Long-distance running and stress fractures of the feet
Long-distance running has experienced a growth in popularity over the last several years, and although there are many health benefits to running, long-distance runners are particularly prone to a number of foot and leg injuries. Fractures, particularly stress fractures, account for a significant number of those injuries. The difficulty for many long-distance runners is that stress fractures are often not easily visible on a regular x-ray and as a result, may not be diagnosed right away.
The bones of the feet are particularly at risk for stress fractures due to the repetitive strain of long-distance running. These bones simply aren’t as resistant as the longer bones of the legs, and women are at far greater risk of developing such fractures. Although shorter distance running is beneficial in warding off osteoporosis in women, long-distance running tends to have the opposite effect. Women must be especially cautious with training and injury prevention and wear the proper footwear when it comes to long-distance running.
Diagnosing stress fractures
Frequently, stress fractures of the feet are not diagnosed right away, and typically start as tiny cracks in the bones that aren’t large enough to be visible on a regular x-ray. The first signs of a stress fracture are usually an increase in pain and localized point tenderness. The pain is typically persistent and increases with repeated movement or stress. For many long-distance runners, this pain prevents them from continuing their regular training, though some attempt to run through the pain. Because these fractures are difficult to diagnose right away, the athlete tends to continue training, and the additional stress sometimes causes the fracture to become larger -- making it finally visible on a regular x-ray. For those who exhibit signs of a stress fracture but no signs of injury on a plain-film x-ray, a CT-scan, or MRI, then a nuclear medicine bone scan may be ordered. Stress fractures are far more likely to show up in these types of radiology studies.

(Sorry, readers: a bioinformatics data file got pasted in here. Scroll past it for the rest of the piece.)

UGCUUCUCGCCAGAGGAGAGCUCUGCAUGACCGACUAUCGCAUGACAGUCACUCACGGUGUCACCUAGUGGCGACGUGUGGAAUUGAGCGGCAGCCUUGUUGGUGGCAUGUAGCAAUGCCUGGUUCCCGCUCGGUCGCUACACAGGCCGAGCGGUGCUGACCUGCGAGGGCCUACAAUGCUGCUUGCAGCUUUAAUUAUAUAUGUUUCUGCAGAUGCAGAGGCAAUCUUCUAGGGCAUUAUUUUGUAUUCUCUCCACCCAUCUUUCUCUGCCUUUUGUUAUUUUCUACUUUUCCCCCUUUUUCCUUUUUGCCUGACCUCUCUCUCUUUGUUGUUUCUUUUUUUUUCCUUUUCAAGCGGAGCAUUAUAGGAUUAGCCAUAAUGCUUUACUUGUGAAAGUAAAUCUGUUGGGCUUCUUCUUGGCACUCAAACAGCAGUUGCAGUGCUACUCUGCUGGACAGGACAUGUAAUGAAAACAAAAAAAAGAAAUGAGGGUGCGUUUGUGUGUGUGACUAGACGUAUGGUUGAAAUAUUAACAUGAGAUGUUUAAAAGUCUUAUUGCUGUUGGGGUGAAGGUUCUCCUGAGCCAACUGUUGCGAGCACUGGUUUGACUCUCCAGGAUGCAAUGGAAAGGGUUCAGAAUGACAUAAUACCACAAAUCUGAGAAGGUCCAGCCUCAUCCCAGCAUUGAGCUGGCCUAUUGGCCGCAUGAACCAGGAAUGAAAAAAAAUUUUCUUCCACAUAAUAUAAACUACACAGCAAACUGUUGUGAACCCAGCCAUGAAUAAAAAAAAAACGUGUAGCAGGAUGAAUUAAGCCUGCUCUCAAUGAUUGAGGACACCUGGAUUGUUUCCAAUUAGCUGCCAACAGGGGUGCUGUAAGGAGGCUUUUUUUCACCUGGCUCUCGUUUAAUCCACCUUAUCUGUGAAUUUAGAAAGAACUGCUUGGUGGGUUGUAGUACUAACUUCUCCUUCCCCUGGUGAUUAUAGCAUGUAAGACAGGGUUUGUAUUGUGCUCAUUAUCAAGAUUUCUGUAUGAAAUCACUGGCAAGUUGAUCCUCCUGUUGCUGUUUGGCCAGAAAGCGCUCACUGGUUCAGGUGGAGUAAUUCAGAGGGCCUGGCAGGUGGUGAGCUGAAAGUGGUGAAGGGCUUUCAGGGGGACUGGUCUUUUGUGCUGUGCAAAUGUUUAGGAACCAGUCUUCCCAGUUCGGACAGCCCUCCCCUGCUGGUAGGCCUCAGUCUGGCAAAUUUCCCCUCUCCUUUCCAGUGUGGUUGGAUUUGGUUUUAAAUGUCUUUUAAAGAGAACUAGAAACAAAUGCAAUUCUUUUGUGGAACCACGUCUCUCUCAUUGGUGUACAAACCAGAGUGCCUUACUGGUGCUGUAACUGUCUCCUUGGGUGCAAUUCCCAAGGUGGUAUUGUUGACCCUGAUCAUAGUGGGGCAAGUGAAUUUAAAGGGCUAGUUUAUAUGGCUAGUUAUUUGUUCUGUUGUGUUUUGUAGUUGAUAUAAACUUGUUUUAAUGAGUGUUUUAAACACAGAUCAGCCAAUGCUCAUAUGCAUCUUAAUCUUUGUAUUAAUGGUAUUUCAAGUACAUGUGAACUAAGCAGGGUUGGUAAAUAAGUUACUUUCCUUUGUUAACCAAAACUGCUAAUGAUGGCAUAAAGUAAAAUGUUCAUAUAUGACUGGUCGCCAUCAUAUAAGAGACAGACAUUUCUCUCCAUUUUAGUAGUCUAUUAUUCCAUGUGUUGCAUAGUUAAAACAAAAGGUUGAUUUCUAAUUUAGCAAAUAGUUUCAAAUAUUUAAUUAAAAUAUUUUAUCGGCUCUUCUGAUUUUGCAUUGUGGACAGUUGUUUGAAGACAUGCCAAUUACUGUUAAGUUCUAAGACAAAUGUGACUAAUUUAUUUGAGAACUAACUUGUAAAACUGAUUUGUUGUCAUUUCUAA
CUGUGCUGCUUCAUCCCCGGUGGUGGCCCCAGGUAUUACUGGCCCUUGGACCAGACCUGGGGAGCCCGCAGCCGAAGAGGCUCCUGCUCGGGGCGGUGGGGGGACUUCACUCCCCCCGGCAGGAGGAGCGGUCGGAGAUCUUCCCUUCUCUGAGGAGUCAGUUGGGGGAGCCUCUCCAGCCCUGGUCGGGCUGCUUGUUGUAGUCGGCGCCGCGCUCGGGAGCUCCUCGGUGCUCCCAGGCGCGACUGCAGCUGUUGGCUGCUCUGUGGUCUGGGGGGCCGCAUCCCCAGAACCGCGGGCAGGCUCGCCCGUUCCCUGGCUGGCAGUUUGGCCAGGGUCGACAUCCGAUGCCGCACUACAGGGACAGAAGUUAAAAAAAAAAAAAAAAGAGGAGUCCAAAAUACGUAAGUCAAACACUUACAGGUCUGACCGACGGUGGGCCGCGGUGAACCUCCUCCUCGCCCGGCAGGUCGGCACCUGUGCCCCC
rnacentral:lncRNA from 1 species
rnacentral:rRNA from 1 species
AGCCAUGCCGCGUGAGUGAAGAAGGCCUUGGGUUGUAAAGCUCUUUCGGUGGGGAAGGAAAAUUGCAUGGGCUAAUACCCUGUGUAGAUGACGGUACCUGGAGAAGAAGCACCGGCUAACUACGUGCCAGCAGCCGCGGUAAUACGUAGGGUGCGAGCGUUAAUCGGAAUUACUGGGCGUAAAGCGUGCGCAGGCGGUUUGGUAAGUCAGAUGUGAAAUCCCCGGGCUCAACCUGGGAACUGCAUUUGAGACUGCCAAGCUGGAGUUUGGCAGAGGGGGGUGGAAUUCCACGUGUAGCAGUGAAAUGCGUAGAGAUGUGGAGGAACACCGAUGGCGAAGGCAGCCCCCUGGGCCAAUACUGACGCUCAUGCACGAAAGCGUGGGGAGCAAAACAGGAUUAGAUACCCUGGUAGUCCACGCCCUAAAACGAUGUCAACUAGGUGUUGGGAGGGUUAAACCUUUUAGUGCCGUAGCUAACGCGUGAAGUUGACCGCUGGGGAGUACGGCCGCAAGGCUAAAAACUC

Diabetes and stress fractures
Diabetics are at greater risk for foot fractures than the general running population, and at even greater risk if they engage in long-distance running. Since diabetics are at higher risk of developing peripheral neuropathy, they may not realize right away that they have a foot injury -- as the symptoms of neuropathy can mask the symptoms of the fracture. After any type of long-distance run -- whether a training run, marathon, or other distance event -- it is important that diabetics examine their feet for signs of injury, including unusual points of warmth that don’t go away after a few hours, or symptoms such as swelling, bruising, or deformities. It is also critical to have a regular routine of podiatric foot examinations if you are a long-distance runner who suffers from diabetes.
What to expect during the examination
If you experience any foot symptoms or problems, schedule an appointment with your podiatrist at Kansas City Foot Specialists. If you suspect that your symptoms are related to running, regardless of your running distances, be sure to bring your running shoes with you, as the soles may provide clues that will aid in diagnosis. Your podiatrist will ask you about your medical history, your running and exercise habits, and other personal habits such as whether or not you smoke. Expect your feet and legs to be examined for physical signs of injury. You may also be asked to stand or walk during your examination. Depending on what your podiatrist finds during your appointment, you may be sent for radiologic studies, physical therapy, or both. Your podiatrist will also discuss a treatment plan for you which may include altering your running and fitness routines.
Treatment for stress fractures
If you are diagnosed with a stress fracture, you will likely be prescribed anti-inflammatory medications, and you will need to rest your injured foot. Rest may include casting, which can take anywhere from four to 16 weeks depending on your particular injury. You may also be asked to stay off of the injured foot completely, and will slowly be released to partial, then full weight-bearing activities. Many athletes may find it difficult to stay off of their feet for so long. Ask your podiatrist about alternative activities while you heal. Once you are released back to running, start slowly with shorter distances, and increase your distance by a maximum of 10% each week. Start out on soft surfaces as well. You may also be prescribed custom orthotics for use in your shoes. Be sure you follow your treatment plan as closely as possible to ensure that you heal completely and to also help prevent future injuries.
If you suspect that you may have a stress fracture or any other foot or lower leg disorder, please call the podiatrists at Kansas City Foot Specialists today at (913)338-4440 to schedule an appointment. We look forward to keeping you going, one foot after the other for a long time to come.